The Prosperity Gospel and the Vengeful God Meet Hurricane Harvey

1Lakewood Church in Houston is the nation’s largest.  Occupying a former basketball arena, it can seat 16,000 people.  And, apparently, on most Sunday mornings, it does just that.  In the midst of the tragedy of Hurricane Harvey unfolding in Houston and East Texas, a lot of people noticed one thing about Lakewood Church:  it wasn’t open.  There has been something of an internet firestorm swirling around Lakewood’s famous pastor, Joel Osteen, who according to some reports has a net worth of about $50 million and lives in a mansion worth about $10.5 million.  Like most pastors.  It seems that, eventually, Lakewood’s pastor and its leadership felt the pressure of their critics and finally decided that they would make the church’s massive facility available as a shelter.  But much of the outrage centers on the fact that opening the church as a shelter was not Lakewood’s first instinct.

That firestorm was followed by another, this one swirling around the controversial and outspoken figure of Ann Coulter.  Ms. Coulter tweeted, “I don’t believe Hurricane Harvey is God’s punishment for Houston electing a lesbian mayor.  But that is more credible than ‘climate change.'”   Many wondered why Ms. Coulter would bother to be so specific about her not believing that the hurricane was the act of a vengeful God — or even to mention it at all — if she wasn’t actually entertaining the notion.  And, to be sure, there are those who are quite happy to believe that Hurricane Harvey is a manifestation of some sort of divine wrath.   It is a well-worn piece of “theology” that always seems to emerge in the aftermath of tragedy.

Lakewood’s initial reluctance to open its doors (when many other faith communities were doing so) and Coulter’s offer of publicity to the idea that the hurricane is related to God’s vengeance are both signs of the way in which so many people have become utterly alienated from the authentic expressions of their own religious traditions, twisting them into faiths that confirm their own tribal sensibilities and give them permission to abandon those who are vulnerable.

In Lakewood’s case, their reluctance is rooted in the theology Mr. Osteen espouses.  He is perhaps the foremost preacher of the “Prosperity Gospel” in the United States, if not the world.   It is an interpretation of the gospel that is hard to reconcile with most of what Jesus actually says and does, and relies heavily on a particular thread of the Judeo-Christian tradition that says that if one is prosperous, it is because God has blessed you.  Which means, of course, that the opposite is also true:  if you please God, God will bless you with prosperity.  I once heard a portion of a sermon Mr. Osteen gave, in which he said you could always tell people who went to Lakewood, because they were just a certain kind of person — the clear implication being that they were somehow better.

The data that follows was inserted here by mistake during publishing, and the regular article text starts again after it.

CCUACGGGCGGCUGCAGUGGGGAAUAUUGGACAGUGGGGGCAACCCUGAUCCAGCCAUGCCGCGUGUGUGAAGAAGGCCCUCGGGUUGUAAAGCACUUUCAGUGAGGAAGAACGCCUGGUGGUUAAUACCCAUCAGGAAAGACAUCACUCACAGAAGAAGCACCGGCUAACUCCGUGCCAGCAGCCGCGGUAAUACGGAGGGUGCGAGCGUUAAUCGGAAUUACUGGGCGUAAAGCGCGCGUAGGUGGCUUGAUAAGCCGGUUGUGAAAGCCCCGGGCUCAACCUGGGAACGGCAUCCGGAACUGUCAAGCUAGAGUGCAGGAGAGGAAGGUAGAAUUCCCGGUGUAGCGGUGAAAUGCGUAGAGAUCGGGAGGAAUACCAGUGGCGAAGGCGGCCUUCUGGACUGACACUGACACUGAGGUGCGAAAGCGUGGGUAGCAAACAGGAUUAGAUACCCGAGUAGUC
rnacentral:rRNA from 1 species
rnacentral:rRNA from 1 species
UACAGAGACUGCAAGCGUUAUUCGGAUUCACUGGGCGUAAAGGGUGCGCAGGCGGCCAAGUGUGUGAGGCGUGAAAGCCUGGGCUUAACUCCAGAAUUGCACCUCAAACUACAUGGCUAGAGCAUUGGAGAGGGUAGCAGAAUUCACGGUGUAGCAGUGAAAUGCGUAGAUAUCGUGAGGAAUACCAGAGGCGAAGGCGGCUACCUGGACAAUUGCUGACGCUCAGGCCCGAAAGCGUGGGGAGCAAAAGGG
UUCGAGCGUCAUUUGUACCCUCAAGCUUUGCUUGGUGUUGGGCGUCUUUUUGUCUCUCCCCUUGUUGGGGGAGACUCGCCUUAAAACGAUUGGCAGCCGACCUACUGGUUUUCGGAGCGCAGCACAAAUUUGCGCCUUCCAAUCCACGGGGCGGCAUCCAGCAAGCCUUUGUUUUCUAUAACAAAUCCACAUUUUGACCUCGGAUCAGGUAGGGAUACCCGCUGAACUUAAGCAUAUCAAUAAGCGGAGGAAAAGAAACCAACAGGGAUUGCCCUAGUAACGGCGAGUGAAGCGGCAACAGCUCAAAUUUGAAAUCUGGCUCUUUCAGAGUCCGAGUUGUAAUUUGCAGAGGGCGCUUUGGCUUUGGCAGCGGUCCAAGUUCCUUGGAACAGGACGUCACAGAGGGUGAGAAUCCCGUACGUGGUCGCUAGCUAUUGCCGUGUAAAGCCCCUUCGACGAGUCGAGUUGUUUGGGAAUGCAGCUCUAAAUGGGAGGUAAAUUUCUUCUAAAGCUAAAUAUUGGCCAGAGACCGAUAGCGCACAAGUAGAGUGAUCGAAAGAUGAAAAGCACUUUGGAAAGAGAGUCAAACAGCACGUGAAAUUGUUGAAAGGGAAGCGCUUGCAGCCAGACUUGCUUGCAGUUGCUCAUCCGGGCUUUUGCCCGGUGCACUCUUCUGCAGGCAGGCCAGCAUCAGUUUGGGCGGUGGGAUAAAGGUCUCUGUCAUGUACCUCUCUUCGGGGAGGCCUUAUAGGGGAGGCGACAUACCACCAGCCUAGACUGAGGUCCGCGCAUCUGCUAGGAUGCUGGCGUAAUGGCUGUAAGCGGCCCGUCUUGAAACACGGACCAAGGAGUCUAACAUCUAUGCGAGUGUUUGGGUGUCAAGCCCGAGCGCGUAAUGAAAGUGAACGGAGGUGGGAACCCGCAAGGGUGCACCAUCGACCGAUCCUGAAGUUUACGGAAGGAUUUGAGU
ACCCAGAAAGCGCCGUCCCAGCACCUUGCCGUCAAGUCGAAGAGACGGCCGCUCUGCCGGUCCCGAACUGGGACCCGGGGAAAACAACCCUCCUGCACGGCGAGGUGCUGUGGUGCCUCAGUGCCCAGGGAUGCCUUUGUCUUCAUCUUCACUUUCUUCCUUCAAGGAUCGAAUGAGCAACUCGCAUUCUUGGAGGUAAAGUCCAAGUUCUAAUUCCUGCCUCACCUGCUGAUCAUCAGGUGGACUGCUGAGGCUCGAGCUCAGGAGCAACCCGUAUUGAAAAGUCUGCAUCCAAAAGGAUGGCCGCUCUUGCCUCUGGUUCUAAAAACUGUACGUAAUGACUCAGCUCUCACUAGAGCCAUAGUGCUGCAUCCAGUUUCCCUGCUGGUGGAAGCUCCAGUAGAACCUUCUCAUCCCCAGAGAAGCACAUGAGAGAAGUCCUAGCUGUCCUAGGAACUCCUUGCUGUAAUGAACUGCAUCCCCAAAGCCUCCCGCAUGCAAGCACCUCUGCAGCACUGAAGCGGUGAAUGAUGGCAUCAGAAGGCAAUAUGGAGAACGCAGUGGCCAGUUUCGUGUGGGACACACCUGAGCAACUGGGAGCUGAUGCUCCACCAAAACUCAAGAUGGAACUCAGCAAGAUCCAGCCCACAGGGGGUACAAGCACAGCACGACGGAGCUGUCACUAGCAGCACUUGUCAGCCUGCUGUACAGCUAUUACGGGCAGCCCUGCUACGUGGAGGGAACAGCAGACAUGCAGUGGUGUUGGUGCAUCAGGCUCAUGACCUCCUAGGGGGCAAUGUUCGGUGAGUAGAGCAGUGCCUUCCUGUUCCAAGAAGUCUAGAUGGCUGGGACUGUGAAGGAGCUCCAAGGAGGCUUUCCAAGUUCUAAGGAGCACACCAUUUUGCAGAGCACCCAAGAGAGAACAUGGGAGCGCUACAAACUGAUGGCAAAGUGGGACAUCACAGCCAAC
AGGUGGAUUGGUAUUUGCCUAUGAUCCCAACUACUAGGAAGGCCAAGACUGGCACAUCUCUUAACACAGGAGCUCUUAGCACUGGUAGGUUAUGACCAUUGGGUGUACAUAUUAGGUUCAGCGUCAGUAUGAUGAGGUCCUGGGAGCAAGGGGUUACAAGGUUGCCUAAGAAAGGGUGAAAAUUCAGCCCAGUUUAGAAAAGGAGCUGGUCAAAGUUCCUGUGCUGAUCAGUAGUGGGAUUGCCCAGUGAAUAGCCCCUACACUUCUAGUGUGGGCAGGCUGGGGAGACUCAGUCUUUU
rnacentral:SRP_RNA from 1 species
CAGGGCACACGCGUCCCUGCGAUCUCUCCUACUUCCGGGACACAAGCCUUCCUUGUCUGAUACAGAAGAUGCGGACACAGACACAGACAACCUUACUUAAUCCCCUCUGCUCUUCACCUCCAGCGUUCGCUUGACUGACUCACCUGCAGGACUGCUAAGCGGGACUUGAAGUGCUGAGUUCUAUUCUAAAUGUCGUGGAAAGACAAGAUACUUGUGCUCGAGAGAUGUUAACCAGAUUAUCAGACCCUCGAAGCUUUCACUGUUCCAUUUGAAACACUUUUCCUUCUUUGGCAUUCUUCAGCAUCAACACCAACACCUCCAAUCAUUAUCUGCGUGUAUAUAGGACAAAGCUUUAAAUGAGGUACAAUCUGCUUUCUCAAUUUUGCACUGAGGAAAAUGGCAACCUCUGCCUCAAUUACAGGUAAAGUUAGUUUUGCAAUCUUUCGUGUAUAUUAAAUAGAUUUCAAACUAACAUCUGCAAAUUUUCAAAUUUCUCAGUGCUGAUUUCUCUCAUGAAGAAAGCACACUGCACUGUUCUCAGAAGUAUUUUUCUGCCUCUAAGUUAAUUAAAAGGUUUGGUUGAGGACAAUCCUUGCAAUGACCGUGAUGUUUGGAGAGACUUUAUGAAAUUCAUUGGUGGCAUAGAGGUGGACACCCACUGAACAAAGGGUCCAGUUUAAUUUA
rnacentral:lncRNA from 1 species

The theology that Mr. Osteen and his church espouse is not really Christian in any recognizable way — not when you take the history of the Christian tradition into account. But, beyond that, it is a theology that encourages people to think that if you have pleased God, prosperity will be yours, and bad things will not happen to you.  Hurricane Harvey upsets that fine theological balance.  A number of people of Mr. Osteen’s own very wealthy neighborhood had to be rescued from flood waters.  The hurricane did not discriminate between the prosperous and the poor.  I suspect that part of the reason Lakewood was slow to think about how it could help people was because, according to its theology, such a thing should not have happened.  And the dawning reality of it has, I suspect, created a kind of theological paralysis.   Mr. Osteen’s challenge now will be to somehow reconcile his Prosperity Gospel with recent events.

One can only hope that he does not retreat into the Vengeful God paradigm that Ms. Coulter took the time to advertise in wishing to say she did not believe it.  Drawing again on a particular thread of the biblical tradition, people who are not as generous as Ms. Coulter in denying that they might believe such a thing imagine that any tragedy is the result of divine disfavor.  Their image of God is one in which God freely rains down disaster on those who displease Him.   And they point to any number of passages from the Hebrew Bible that they believe affirm this, and a few from the New Testament.   Though, again, such a view can hardly be reconciled with most of what Jesus says and does.  But perhaps it is more comfortable to tell one’s self that God is punishing your community for the things that you don’t like about it than to admit that perhaps bad things do, indeed, happen to good people.  Sometimes very bad things.

For Christians, it should be clear that we are meant to process the events of the world around us through the lens of the life and teaching of Jesus.  It is that same Jesus who works so hard, as the gospels tell us, to reframe some of the older beliefs that belonged to his tradition and can be found in parts of the Bible.  Jesus was very clear that God does not afflict people.  Jesus was very clear that God does not make people vulnerable, but rather seeks to be near those who are vulnerable and to support them.   Jesus makes it clear that wealth is, in no way, an indication of whether God likes you or not.  If you find that difficult to believe, then I suggest you read the gospels.  Try Mark — it’s short.

Jesus also makes it clear that our human ways of thinking about these things often lead us into trouble.  When our God becomes too much like us — exulting in prosperity and confirming our prejudices by punishing those we don’t like — then we have wandered far from the God who is, and have fallen on our knees before an idol of our own making.  Which is, perhaps, the greatest danger to which people of faith are subject.